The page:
An experimental targeted therapy that restricts blood vessel growth showed good activity against advanced renal cell carcinoma, the most common type of kidney cancer, according to a study presented at the American Society of Clinical Oncology Genitourinary Cancers Symposium last week in San Francisco.

“A new drug as a single agent showing an overall response rate of 24% across all risk categories—poor, intermediate and good and in a heavily refractory population—is quite promising,” presenter Toni Choueiri, MD, director of the Lank Center for Genitourinary Oncology at Dana-Farber Cancer Institute, said in a press release.

Renal cell carcinoma (RCC) accounts for more than 90% of kidney cancer. Among those with RCC, about 70% have clear-cell cancer, so called because of its appearance under a microscope. Kidney cancer has few symptoms during its early stages, and many people already have metastatic disease by the time they are diagnosed. Standard treatment typically involves surgery followed by targeted therapy that interferes with enzymes that play a role in cell growth and blood vessel development. Checkpoint inhibitor immunotherapy is also an option.

Choueiri and colleagues conducted a study of MK-6482 (formerly known as PT2977 before it was acquired by Merck), the first oral inhibitor of hypoxia-inducible factor-2-alpha, or HIF-2-alpha. This transcription factor plays a role in the body’s ability to sense oxygen levels and turn on genes to produce more red blood cells and form new blood vessels when oxygen is in short supply. Choueiri’s mentor, William Kaelin Jr., MD, of Dana-Farber, and others won the 2019 Nobel Prize in Physiology or Medicine for showing how this mechanism works.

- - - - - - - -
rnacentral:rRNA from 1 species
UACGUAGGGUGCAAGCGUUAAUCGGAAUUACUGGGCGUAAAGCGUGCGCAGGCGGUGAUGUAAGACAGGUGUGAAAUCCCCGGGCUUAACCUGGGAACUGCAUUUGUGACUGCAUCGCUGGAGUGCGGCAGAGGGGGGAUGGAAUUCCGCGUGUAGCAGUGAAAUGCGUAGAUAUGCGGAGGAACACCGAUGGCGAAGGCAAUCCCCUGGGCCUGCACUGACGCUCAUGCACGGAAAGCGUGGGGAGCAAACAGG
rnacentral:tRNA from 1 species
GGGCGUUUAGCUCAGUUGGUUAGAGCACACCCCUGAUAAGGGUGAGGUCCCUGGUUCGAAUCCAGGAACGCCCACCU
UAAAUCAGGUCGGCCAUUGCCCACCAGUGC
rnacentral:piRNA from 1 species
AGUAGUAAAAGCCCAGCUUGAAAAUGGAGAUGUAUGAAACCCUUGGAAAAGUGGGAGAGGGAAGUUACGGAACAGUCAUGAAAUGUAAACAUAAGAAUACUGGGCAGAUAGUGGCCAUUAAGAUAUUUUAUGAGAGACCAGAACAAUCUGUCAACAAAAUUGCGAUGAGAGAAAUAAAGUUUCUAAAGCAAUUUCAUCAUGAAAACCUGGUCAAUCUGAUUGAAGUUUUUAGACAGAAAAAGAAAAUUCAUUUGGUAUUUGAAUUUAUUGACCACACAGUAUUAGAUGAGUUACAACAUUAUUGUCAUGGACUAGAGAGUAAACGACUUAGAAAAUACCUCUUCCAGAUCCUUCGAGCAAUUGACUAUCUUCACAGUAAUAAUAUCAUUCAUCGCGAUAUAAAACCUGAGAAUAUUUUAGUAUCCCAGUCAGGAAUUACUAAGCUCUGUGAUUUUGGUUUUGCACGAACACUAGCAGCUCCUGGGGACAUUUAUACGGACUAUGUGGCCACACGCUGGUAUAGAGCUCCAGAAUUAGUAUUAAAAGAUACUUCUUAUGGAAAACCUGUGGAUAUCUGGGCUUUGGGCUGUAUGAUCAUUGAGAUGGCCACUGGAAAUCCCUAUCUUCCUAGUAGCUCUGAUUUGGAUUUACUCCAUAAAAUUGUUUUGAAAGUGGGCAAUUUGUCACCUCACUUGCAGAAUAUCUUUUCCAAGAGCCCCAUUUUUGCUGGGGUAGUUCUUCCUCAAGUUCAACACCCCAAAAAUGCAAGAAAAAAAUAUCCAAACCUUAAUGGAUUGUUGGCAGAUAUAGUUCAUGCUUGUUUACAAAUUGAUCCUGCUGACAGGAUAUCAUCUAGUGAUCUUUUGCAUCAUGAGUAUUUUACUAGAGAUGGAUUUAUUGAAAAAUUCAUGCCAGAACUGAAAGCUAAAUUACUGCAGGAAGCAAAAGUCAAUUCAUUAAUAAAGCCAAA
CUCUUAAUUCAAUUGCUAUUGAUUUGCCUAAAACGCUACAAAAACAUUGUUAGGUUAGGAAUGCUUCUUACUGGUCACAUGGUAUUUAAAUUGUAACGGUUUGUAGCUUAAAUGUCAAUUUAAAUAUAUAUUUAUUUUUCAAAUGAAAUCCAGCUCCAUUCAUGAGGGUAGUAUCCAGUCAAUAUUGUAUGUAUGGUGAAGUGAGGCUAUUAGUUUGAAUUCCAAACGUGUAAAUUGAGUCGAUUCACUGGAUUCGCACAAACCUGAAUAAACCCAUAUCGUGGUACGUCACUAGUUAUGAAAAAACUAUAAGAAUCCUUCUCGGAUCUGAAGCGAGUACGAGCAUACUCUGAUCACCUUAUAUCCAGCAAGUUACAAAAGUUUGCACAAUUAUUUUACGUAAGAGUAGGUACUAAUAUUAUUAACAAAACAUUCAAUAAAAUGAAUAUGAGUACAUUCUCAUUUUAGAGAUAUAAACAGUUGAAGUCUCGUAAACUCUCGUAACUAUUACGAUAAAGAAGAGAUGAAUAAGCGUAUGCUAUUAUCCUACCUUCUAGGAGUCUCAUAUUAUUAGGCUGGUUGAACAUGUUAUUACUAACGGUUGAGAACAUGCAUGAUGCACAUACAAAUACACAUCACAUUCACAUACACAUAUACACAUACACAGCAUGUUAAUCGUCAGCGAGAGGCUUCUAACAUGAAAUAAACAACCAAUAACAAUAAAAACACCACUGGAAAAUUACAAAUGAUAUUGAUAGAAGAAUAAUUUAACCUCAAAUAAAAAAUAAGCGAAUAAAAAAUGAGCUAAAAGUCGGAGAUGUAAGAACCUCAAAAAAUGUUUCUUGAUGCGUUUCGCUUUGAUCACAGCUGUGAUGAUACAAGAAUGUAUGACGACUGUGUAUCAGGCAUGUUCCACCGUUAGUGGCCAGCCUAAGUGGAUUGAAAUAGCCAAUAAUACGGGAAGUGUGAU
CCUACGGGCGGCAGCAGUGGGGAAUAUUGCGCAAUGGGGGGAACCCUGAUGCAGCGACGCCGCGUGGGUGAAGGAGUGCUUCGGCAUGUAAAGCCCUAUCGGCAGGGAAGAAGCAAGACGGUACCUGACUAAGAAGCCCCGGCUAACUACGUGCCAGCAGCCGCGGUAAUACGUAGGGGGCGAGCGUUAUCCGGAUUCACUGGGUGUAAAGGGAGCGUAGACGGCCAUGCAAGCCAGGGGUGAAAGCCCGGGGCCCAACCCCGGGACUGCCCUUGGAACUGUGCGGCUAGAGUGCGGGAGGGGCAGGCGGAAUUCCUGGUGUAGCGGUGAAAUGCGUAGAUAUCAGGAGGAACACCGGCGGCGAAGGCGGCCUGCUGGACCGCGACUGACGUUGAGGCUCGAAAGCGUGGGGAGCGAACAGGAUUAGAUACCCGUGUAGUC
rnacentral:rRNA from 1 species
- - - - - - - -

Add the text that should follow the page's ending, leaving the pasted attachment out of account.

Around 90% of people with kidney cancer have a defective tumor-suppressor protein called pVHL that leads to HIF-2-alpha activation, resulting in the proliferation of blood vessels that feed tumors. MK-6482 blocks HIF-2-alpha and shuts down blood vessel growth.

This Phase I/II study enrolled people with advanced solid tumors. After various doses of MK-6482 were tested, a cohort of 55 people with previously treated advanced clear-cell RCC were treated with the selected dose of 120 milligrams taken as a tablet once daily.

In this group, 80% were men, and the median age was 62. Ten were classified as having poor risk for disease progression, 40 had intermediate risk and five had favorable risk. All had received at least one prior systemic therapy, and a majority had tried three or more. Most (93%) had used VEGF inhibitors, and 73% had used checkpoint inhibitors; 67% had tried both.

After a median follow-up period of 13 months, the overall response rate, meaning complete or partial tumor remission, was 24%; all were partial responses. An additional 56% had stable disease. However, response rates varied by risk category: 40% for those with favorable risk, 25% for those with intermediate risk and 10% for those with poor risk.

By this point, 39 participants (71%) had stopped treatment, mostly due to disease progression, while 16 (29%) were still receiving MK-6482. Most patients (81%) experienced responses that lasted at least six months, and the median duration of response was not reached.

The median progression-free survival, meaning patients were still alive without worsening of their disease, was 11.0 months. This, too, varied by risk category: 16.5 months for those with favorable risk, 11.0 months for those with intermediate risk and 6.9 months for those with poor risk.

Treatment was generally safe, although side effects were common. Just over a third (36%) experienced severe (Grade 3 or higher) treatment-related adverse events. These included 14 people (26%) with severe anemia and eight (15%) with severe hypoxia, or low oxygen levels. Two people (4%) stopped treatment because of hypoxia. There were no deaths due to treatment-related adverse events.

The researchers concluded that MK-6482 showed “promising clinical activity” with a “favorable safety profile.”

A Phase III trial comparing MK-6482 against the mTOR inhibitor Afinitor (everolimus) in more than 700 people with previously treated advanced kidney cancer is currently underway and recruiting participants ( number NCT04195750).

Click here to read the study abstract.
Click here to learn more about kidney cancer.